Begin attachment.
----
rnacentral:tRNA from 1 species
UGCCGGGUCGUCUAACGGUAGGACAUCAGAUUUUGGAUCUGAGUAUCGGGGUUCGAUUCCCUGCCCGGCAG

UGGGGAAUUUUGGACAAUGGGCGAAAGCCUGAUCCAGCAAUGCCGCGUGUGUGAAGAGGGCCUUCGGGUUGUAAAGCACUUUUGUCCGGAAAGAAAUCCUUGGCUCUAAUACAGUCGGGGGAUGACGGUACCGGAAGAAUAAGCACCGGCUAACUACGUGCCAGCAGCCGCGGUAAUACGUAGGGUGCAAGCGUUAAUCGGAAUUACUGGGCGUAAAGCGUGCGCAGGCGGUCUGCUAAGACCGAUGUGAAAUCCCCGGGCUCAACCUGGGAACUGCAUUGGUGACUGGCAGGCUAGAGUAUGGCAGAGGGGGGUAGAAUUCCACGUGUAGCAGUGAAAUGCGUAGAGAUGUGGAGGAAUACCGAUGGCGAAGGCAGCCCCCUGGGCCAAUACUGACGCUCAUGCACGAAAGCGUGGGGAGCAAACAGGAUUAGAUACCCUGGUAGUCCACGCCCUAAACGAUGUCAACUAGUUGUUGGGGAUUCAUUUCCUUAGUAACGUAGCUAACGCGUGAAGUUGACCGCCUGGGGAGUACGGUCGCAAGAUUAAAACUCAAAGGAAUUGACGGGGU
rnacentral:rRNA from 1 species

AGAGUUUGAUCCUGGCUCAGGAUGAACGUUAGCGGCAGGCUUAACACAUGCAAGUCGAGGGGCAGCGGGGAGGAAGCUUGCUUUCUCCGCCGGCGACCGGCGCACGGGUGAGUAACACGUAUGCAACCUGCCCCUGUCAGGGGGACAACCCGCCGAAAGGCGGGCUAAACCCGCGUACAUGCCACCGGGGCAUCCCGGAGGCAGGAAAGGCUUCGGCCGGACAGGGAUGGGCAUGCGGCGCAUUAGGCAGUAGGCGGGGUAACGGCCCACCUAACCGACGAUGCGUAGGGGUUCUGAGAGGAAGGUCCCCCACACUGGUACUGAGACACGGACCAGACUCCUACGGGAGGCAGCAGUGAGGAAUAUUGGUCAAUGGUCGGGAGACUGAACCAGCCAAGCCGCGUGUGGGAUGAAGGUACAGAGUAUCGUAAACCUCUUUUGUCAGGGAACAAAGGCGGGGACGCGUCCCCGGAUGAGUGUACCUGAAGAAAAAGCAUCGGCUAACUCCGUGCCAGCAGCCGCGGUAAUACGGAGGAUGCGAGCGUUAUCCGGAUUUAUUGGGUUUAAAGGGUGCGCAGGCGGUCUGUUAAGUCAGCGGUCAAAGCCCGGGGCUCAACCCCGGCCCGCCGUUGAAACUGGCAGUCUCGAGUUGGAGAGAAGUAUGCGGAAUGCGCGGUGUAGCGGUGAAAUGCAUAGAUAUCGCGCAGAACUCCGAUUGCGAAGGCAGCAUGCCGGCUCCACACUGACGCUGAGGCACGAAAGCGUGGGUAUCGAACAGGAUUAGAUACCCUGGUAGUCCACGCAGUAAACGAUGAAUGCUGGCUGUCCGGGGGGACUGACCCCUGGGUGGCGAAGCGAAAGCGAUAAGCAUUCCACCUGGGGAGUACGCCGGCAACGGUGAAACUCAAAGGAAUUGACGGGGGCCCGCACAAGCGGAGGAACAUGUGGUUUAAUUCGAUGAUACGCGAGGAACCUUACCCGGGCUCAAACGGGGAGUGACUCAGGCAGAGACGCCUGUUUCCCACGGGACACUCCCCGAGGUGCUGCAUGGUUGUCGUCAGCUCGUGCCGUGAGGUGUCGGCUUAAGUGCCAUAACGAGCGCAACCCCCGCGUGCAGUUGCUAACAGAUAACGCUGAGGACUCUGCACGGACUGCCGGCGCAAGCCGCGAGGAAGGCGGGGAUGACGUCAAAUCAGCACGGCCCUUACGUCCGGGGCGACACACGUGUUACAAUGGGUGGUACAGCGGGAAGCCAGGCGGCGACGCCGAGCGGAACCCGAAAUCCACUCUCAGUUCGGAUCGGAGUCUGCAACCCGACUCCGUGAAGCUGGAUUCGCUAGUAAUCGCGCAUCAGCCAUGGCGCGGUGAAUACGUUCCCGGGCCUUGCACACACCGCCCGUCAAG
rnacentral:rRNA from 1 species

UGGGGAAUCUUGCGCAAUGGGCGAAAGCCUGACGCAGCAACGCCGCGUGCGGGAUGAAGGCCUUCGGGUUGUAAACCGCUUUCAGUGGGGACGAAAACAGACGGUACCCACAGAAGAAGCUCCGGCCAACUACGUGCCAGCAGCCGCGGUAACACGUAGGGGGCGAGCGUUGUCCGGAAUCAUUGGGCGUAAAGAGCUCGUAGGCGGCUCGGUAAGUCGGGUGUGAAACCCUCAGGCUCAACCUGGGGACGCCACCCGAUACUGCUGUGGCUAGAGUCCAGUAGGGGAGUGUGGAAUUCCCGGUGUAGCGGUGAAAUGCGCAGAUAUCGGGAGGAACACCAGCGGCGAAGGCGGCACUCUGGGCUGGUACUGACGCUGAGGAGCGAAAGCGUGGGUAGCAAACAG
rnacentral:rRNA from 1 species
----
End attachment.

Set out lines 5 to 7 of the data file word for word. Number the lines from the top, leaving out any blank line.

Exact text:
AGAGUUUGAUCCUGGCUCAGGAUGAACGUUAGCGGCAGGCUUAACACAUGCAAGUCGAGGGGCAGCGGGGAGGAAGCUUGCUUUCUCCGCCGGCGACCGGCGCACGGGUGAGUAACACGUAUGCAACCUGCCCCUGUCAGGGGGACAACCCGCCGAAAGGCGGGCUAAACCCGCGUACAUGCCACCGGGGCAUCCCGGAGGCAGGAAAGGCUUCGGCCGGACAGGGAUGGGCAUGCGGCGCAUUAGGCAGUAGGCGGGGUAACGGCCCACCUAACCGACGAUGCGUAGGGGUUCUGAGAGGAAGGUCCCCCACACUGGUACUGAGACACGGACCAGACUCCUACGGGAGGCAGCAGUGAGGAAUAUUGGUCAAUGGUCGGGAGACUGAACCAGCCAAGCCGCGUGUGGGAUGAAGGUACAGAGUAUCGUAAACCUCUUUUGUCAGGGAACAAAGGCGGGGACGCGUCCCCGGAUGAGUGUACCUGAAGAAAAAGCAUCGGCUAACUCCGUGCCAGCAGCCGCGGUAAUACGGAGGAUGCGAGCGUUAUCCGGAUUUAUUGGGUUUAAAGGGUGCGCAGGCGGUCUGUUAAGUCAGCGGUCAAAGCCCGGGGCUCAACCCCGGCCCGCCGUUGAAACUGGCAGUCUCGAGUUGGAGAGAAGUAUGCGGAAUGCGCGGUGUAGCGGUGAAAUGCAUAGAUAUCGCGCAGAACUCCGAUUGCGAAGGCAGCAUGCCGGCUCCACACUGACGCUGAGGCACGAAAGCGUGGGUAUCGAACAGGAUUAGAUACCCUGGUAGUCCACGCAGUAAACGAUGAAUGCUGGCUGUCCGGGGGGACUGACCCCUGGGUGGCGAAGCGAAAGCGAUAAGCAUUCCACCUGGGGAGUACGCCGGCAACGGUGAAACUCAAAGGAAUUGACGGGGGCCCGCACAAGCGGAGGAACAUGUGGUUUAAUUCGAUGAUACGCGAGGAACCUUACCCGGGCUCAAACGGGGAGUGACUCAGGCAGAGACGCCUGUUUCCCACGGGACACUCCCCGAGGUGCUGCAUGGUUGUCGUCAGCUCGUGCCGUGAGGUGUCGGCUUAAGUGCCAUAACGAGCGCAACCCCCGCGUGCAGUUGCUAACAGAUAACGCUGAGGACUCUGCACGGACUGCCGGCGCAAGCCGCGAGGAAGGCGGGGAUGACGUCAAAUCAGCACGGCCCUUACGUCCGGGGCGACACACGUGUUACAAUGGGUGGUACAGCGGGAAGCCAGGCGGCGACGCCGAGCGGAACCCGAAAUCCACUCUCAGUUCGGAUCGGAGUCUGCAACCCGACUCCGUGAAGCUGGAUUCGCUAGUAAUCGCGCAUCAGCCAUGGCGCGGUGAAUACGUUCCCGGGCCUUGCACACACCGCCCGUCAAG
rnacentral:rRNA from 1 species

UGGGGAAUCUUGCGCAAUGGGCGAAAGCCUGACGCAGCAACGCCGCGUGCGGGAUGAAGGCCUUCGGGUUGUAAACCGCUUUCAGUGGGGACGAAAACAGACGGUACCCACAGAAGAAGCUCCGGCCAACUACGUGCCAGCAGCCGCGGUAACACGUAGGGGGCGAGCGUUGUCCGGAAUCAUUGGGCGUAAAGAGCUCGUAGGCGGCUCGGUAAGUCGGGUGUGAAACCCUCAGGCUCAACCUGGGGACGCCACCCGAUACUGCUGUGGCUAGAGUCCAGUAGGGGAGUGUGGAAUUCCCGGUGUAGCGGUGAAAUGCGCAGAUAUCGGGAGGAACACCAGCGGCGAAGGCGGCACUCUGGGCUGGUACUGACGCUGAGGAGCGAAAGCGUGGGUAGCAAACAG